By comparison, an unlocked phone in the U.S. has to target a much broader range of frequencies, and there's little incentive for the big U.S. carriers to offer contract-subsidized phones that have full band coverage on rivals' 3G and 4G networks. Supporting extra bands is an additional financial hurdle, as licensing these frequencies doesn't come free of charge. That's why most big Android phones exist as different models for each of the big carriers. And different models with different frequencies means there's no guarantee that a SIM-unlocked T-Mobile phone will have full band coverage on AT&T, or vice versa.

The business

Unlocked phones would be no good without a major retail presence, and in Europe the major player is the UK-based Carphone Warehouse, known as The Phone House in continental Europe. The chain operates 2,400 stores across Europe, offering its own subsidized deals for phones on major operators, as well as advertising a SIM-free price for unlocked versions.

That being the case, it's easy to walk into a Carphone Store, or another independent retailer, and walk out with an unlocked version of the Android flagship du jour. But there are exceptions — stores (and staff) make more money on contract sales, so they're more likely to push undecided buyers down this path. In some situations, stores might simply refuse to sell a high-profile phone off-contract if it's in short supply. (And since the demise of Carphone's major competitor in the UK, Phones 4u, the retailer's dominance shows no sign of waning.)

Fortunately there are many independent online stores willing to sell unlocked European phones to whoever's buying, with the big UK-based names including Clove, Expansys and Unlocked Mobiles.

And as more unlocked phones with U.S.-compatible radios start to appear, this model has grown in popularity across the pond. Though in the American market you'll generally be buying your unlocked, AT&T-and-T-Mobile-ready flagship from the manufacturer directly. Sony and HTC both have online stores selling unlocked, high-end phones directly to consumers, to say nothing of smaller players like OnePlus, ASUS and Alcatel.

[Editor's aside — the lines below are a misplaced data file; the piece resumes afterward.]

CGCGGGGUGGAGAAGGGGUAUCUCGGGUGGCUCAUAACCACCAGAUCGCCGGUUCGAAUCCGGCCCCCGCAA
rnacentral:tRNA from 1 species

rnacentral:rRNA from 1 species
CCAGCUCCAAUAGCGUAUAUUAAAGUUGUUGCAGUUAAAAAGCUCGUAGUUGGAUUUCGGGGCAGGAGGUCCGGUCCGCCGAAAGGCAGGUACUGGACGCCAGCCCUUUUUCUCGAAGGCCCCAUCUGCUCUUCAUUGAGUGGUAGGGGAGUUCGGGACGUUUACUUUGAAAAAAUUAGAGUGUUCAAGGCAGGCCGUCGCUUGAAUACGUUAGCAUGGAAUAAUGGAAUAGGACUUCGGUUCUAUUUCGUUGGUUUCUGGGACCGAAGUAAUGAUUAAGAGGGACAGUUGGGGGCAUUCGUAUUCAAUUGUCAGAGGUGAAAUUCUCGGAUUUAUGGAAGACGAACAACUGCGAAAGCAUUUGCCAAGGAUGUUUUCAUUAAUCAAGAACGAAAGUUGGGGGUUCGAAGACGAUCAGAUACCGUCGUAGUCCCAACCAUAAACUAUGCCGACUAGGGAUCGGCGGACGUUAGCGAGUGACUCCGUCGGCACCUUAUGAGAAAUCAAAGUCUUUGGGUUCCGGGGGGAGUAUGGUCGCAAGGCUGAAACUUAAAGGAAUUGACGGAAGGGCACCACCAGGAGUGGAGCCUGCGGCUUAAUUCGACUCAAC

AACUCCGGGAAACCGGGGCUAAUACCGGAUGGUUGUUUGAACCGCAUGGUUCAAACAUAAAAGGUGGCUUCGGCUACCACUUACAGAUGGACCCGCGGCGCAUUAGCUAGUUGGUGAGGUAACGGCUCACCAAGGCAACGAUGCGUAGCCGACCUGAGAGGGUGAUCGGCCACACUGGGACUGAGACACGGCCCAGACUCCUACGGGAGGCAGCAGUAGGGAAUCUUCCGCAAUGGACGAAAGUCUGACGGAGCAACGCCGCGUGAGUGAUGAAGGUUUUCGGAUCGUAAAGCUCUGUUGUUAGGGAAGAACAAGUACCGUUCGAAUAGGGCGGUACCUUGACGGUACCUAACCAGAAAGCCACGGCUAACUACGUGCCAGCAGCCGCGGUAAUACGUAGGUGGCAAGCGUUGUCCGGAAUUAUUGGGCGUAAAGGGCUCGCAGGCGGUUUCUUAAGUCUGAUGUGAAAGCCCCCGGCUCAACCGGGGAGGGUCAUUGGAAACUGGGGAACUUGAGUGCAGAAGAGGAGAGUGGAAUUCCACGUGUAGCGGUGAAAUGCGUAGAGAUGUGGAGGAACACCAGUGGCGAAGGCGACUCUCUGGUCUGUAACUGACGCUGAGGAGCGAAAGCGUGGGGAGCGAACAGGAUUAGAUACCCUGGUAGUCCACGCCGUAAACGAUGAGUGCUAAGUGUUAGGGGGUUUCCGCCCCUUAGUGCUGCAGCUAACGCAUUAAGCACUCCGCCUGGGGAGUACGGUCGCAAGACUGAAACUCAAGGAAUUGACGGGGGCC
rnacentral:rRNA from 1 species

The way forward

It's not impossible to create a single SKU that works across all four major carriers. The unlocked North American Nexus 6 will work on AT&T, T-Mobile, Sprint and Verizon (in addition to a good chunk of international bands) thanks to the inclusion of a bevy of networking technology. But right now that's the exception, not the rule, and Google's about the only big player in wireless pushing one phone that can hot-swap between any of the big four.

It's unlikely that access to unlocked phones will become as widespread in the U.S. as it is in Europe — at least not anytime soon. The technology involved and the nature of the business continues to favor the traditional carrier-subsidized model. But in the meantime there are plenty of great unlocked, T-Mo and AT&T-supported phones on the market — you'll just have a look a little further afield to pick them up.